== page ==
"Mr Lee was always conscious that he did not act alone, but as a member of a team. His core team included Goh Keng Swee, S Rajaratnam, Othman Wok, Hon Sui Sen, Lim Kim San, amongst others.
It was a multi-racial team who complemented one another’s strengths, trusted one another implicitly, and through their joint efforts created a prosperous, fair and just society in Singapore. Mr Lee himself said he was only primus inter pares – first among equals. So it is appropriate that we consider how to honour not just Mr Lee, but also our other founding fathers."
If this observation is accurate, then the 2G was led by Goh Chok Tong, supported by Lee Hsien Loong and Ong Teng Cheong.
And the 3G? It was Lee Hsien Loong who was supported by Teo Chee Hean and Tharman Shanmugaratnam.
Leadership combination/ pair
If the focus is on a leader becoming a "first among equals", it may be useful to look at a core leadership (two or three 4G leaders) group instead.
The two 4G front-runners -- Chan Chun Sing and Ong Ye Kung -- emphasised the importance of teamwork in the press conference on Apr. 8.
Chan said that Singapore's "leadership succession plans go beyond just choosing a leader... It is always about finding and forming the strongest team possible for Singapore so that Singapore has the best chance to defy the odds of history, to not only survive but to thrive".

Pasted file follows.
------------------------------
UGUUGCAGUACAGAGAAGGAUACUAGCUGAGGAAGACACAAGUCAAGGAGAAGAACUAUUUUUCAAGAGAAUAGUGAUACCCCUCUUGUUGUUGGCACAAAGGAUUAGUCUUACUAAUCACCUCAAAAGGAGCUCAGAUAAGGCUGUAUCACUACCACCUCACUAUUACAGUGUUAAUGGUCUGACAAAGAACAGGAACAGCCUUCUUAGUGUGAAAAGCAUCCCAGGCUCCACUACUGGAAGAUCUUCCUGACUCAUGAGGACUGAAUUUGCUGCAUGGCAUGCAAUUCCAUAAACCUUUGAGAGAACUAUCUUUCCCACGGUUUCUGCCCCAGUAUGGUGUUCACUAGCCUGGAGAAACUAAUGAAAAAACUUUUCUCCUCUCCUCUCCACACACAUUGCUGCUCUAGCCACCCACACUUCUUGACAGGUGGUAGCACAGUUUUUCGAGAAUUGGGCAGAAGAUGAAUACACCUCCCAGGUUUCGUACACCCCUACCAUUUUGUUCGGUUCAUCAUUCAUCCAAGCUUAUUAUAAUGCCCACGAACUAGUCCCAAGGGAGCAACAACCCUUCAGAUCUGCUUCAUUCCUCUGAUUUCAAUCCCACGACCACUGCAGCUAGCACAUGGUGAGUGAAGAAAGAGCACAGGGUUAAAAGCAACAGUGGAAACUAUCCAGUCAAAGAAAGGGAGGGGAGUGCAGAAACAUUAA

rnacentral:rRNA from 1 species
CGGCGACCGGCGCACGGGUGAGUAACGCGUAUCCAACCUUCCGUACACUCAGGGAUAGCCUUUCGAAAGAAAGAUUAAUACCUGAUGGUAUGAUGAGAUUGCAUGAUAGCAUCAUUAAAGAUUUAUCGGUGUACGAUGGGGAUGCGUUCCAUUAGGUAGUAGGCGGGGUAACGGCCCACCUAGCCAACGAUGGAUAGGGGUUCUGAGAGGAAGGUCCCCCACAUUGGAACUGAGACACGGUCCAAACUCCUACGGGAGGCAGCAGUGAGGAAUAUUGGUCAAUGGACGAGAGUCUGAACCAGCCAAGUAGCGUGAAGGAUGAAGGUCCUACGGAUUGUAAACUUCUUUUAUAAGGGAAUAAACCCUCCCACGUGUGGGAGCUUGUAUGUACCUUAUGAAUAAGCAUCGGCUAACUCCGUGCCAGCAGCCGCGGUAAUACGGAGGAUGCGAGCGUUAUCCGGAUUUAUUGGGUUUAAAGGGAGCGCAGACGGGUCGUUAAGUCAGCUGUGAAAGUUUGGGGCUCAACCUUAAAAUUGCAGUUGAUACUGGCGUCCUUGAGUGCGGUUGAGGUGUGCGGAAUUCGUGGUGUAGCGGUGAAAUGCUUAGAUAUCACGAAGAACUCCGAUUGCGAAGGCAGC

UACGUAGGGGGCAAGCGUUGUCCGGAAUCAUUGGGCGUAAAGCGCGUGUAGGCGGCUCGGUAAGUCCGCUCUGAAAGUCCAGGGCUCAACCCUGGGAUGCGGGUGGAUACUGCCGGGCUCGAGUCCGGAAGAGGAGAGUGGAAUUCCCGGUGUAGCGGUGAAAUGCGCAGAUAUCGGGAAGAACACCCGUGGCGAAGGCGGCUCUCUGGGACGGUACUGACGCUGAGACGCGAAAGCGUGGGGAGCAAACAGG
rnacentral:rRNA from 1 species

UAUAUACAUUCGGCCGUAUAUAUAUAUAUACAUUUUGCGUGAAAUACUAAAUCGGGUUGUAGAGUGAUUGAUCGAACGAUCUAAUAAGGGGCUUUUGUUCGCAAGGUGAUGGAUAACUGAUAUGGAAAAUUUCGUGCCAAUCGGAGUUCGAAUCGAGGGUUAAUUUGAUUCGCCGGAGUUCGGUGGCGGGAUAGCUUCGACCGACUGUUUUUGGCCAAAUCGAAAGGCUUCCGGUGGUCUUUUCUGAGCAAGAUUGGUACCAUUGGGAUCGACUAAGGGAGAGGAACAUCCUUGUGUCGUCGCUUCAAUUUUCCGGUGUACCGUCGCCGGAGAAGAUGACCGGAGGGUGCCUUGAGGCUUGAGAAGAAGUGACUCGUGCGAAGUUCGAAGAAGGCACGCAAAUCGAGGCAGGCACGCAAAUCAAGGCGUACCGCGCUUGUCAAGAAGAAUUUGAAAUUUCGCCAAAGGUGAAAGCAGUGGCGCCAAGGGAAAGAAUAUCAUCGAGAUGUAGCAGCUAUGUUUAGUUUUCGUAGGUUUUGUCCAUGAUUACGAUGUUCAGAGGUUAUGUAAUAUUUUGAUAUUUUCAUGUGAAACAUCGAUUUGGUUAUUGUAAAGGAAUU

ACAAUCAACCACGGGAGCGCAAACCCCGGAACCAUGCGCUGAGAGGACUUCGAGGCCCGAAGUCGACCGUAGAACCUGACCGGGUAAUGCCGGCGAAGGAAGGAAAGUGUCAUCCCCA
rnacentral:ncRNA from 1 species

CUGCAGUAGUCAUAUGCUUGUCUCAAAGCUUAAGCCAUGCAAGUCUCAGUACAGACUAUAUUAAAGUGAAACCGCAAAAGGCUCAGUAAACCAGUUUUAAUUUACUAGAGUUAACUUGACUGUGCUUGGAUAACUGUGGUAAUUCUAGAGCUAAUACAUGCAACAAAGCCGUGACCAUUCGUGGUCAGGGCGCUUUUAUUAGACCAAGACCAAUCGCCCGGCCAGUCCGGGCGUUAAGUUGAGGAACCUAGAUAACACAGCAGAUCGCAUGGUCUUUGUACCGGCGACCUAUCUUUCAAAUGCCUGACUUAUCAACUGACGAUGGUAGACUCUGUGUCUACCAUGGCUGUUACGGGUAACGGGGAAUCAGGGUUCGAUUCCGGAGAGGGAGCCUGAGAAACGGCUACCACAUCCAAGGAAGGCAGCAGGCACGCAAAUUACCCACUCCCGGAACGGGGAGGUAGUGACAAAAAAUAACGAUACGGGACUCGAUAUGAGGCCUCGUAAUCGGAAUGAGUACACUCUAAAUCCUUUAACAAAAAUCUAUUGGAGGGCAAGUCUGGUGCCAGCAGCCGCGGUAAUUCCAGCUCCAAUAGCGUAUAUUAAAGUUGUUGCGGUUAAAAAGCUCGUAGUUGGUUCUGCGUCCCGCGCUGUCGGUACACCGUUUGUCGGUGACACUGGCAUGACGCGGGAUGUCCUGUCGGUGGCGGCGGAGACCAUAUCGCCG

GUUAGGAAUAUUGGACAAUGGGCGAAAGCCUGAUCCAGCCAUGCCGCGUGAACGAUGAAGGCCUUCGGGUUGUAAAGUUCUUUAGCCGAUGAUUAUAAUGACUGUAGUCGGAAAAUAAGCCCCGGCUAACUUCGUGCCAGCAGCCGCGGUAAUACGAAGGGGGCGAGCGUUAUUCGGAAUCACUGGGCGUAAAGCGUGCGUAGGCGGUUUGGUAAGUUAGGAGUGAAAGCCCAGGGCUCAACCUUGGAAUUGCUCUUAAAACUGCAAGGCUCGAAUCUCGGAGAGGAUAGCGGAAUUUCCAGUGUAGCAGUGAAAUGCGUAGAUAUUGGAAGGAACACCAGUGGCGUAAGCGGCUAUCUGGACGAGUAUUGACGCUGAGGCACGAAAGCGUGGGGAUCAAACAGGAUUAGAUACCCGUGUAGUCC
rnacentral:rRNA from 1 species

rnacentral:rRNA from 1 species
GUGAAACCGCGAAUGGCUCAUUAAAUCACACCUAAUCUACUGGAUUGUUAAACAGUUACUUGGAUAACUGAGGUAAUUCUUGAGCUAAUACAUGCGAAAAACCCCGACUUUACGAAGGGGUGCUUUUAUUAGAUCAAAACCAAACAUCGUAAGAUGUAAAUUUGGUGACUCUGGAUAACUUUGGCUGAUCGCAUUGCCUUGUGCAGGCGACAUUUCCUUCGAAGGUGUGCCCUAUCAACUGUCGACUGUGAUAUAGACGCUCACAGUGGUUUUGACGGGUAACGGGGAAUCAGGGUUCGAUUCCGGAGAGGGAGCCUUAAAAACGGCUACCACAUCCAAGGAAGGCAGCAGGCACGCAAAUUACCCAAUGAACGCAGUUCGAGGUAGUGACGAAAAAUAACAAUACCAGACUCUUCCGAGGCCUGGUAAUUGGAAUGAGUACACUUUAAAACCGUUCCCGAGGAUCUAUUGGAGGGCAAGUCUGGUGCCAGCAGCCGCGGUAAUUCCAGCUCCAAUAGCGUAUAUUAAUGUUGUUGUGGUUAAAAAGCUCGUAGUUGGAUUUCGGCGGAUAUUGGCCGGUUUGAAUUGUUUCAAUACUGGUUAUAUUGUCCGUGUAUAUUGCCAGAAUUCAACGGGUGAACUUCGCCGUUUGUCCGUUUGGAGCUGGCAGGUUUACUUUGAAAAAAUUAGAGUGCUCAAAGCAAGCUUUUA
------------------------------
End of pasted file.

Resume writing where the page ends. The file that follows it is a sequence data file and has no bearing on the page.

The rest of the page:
Ong said that the PAP way is to fundamentally look at how the leadership team can work together, how the leaders can complement each other's strengths and support one another.
Ong noted that "the process of developing a strong team and rallying around the first-among-equals leader takes some time."
He aded: "What we have just learnt is a big change, a big reconfiguration. So we seek your understanding and support to give us some time to regroup."
A political observer also mentioned the plausibility of a leadership pair emerging among the 4G leaders.
Eugene Tan noted in his commentary in Today that "the 4G leaders will select afresh".
"They will probably be looking not so much at one individual this time but also at the pair who would make for the best combination for the 4G PM and Deputy PM."
In other words, the 4G leaders are likely to look at how two 4G leaders could complement each other in terms of their strengths, even if one is seen as the "first among equals".
The original 4G leadership combination